Leaders discuss cyber resiliency at the Massachusetts Municipal Cybersecurity Summit in Worcester, Massachusetts.

Jul 02 2024

Massachusetts Helps Municipalities Strengthen Their Cybersecurity Posture

The commonwealth funds a cyber resiliency program and shares tips.

The initial inspiration for creating the Massachusetts Municipal Cybersecurity Summit in 2021 — to encourage cities and towns to work together on cybersecurity prevention — remains a focus for the MassCyberCenter, says Director John Petrozzelli.

“This was a way of getting people together to share business cards and ideas — almost crowdsourcing across the state — so the first time an incident happens, you already know people,” he says.

State and federal nonprofit agencies often speak about their cybersecurity programs at the event, and municipal leaders can pose questions. As part of the MassCyberCenter’s budget, the summit is free to attend.

“The biggest thing we were trying to drill home was that we know the threats exist, and the state has a variety of resources in place to help,” Petrozzelli says. “This summit is right in line with our mission: to help municipalities become more cyber resilient by having that interaction with state or federal officials — or other municipalities they haven't seen in a while — to talk about best practices.”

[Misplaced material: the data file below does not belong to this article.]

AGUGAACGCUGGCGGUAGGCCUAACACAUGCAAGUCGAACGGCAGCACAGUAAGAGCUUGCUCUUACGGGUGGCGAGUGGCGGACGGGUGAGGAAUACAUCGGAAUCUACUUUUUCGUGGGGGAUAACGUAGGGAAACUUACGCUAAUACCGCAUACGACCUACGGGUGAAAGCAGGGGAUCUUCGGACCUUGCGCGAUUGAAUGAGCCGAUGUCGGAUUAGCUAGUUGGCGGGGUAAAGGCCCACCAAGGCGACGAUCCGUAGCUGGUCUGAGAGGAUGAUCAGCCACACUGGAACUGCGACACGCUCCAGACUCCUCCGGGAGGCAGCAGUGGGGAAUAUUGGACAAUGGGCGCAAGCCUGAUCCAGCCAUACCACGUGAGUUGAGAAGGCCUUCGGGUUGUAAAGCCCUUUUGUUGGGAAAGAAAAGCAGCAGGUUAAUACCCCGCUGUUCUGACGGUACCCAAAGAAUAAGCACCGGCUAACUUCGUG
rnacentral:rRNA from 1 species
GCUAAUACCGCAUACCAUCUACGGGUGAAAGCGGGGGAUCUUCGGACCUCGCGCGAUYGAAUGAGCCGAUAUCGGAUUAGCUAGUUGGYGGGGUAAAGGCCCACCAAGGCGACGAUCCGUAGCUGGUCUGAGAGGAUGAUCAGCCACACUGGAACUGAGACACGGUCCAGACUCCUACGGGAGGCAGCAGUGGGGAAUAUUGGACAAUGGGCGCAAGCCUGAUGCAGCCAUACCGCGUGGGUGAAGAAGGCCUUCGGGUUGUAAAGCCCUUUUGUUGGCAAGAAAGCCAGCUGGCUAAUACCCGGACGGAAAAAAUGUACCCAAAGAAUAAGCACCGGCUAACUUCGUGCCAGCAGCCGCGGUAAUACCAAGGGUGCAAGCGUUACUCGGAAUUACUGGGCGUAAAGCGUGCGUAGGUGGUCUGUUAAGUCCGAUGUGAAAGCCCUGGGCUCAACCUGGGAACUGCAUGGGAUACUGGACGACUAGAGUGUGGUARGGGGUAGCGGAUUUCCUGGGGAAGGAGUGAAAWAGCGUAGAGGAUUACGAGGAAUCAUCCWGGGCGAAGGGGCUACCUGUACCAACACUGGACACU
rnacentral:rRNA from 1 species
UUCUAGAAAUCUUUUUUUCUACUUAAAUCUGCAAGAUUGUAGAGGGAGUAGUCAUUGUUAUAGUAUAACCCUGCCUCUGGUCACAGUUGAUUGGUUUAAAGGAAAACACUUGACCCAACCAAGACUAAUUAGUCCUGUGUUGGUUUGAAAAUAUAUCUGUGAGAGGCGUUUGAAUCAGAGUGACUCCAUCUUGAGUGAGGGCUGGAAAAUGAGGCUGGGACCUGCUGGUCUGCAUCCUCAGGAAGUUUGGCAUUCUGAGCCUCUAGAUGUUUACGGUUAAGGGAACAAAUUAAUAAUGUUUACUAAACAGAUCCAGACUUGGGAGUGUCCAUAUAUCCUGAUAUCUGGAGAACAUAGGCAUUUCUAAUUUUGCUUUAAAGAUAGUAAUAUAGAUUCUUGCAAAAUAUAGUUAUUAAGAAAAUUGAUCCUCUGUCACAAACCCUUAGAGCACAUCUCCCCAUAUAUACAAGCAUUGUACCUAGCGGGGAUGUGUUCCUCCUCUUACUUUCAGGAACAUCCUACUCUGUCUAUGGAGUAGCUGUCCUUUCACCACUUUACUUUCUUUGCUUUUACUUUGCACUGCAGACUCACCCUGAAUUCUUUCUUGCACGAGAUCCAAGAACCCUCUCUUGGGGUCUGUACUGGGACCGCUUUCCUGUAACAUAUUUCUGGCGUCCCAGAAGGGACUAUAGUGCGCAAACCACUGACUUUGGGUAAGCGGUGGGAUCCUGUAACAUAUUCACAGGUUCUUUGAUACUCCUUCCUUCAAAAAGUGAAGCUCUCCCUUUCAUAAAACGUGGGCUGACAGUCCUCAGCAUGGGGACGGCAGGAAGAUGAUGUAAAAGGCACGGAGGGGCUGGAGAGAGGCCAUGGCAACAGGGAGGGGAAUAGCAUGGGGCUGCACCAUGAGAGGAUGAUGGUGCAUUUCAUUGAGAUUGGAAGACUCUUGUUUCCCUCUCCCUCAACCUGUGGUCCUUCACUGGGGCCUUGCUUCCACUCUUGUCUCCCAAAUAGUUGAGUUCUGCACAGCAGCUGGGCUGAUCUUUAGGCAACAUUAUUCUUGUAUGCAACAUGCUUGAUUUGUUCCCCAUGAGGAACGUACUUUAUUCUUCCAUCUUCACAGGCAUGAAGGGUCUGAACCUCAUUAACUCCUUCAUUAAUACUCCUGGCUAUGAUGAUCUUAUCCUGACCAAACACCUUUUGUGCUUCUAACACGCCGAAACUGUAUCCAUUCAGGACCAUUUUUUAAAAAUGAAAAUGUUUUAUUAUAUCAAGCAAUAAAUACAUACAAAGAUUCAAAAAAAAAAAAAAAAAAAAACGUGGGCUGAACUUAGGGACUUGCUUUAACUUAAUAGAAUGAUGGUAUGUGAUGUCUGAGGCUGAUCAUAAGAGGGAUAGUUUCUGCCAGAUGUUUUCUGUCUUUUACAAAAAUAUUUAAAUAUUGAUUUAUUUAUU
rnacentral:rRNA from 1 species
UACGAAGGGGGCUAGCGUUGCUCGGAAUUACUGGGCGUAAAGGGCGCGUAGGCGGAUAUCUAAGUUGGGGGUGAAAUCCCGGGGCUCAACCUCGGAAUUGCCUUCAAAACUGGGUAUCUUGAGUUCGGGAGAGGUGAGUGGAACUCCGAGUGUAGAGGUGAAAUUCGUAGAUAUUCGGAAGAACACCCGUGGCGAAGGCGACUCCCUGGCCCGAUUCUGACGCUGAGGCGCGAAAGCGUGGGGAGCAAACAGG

During the 2024 summit, the MassCyberCenter announced the new $1.4 million Cyber Resilient Massachusetts Grant Program. The initiative provides up to $25,000 to help individual municipalities strengthen their internet-facing vulnerabilities.

“We wanted to enhance their capability to fill any gaps they have in cybersecurity as a result of grants they didn't receive — or received, but used for different parts of their IT stack,” Petrozzelli says. “This program is built with the idea that they can harden those vulnerabilities on a small scale. It might be implementing the best practices for Microsoft Office 365 or Google Workspace, or installing third-party firewall certificates.”

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Cybersecurity Summit Draws an Informed Crowd

The MassCyberCenter, which provides cyber resiliency resources for communities, hosted the fourth annual Massachusetts Municipal Cybersecurity Summit on May 8.

While the events in 2021 and 2022 required Zoom breakout rooms for specific topics, the organization’s first face-to-face summit took place in October 2023 at Mechanics Hall in Worcester, Mass. This year’s summit, held in Worcester’s DCU Center, drew an even bigger crowd.

“Originally, we wanted to have this in person; that's the best way to meet and discuss sensitive issues,” Petrozzelli says. “We started with a virtual summit because of the pandemic. Last October, about 170 registrants attended; this year, we had 253. It was a much better turnout than just six months ago.”

Speakers at this year’s summit shared information about cyber hygiene and available cybersecurity programs and funding with approximately 156 municipality and 33 nonprofit organization employees, 22 higher education professionals and 42 state and federal agency attendees.

READ MORE: Massachusetts CIO shares AI insights.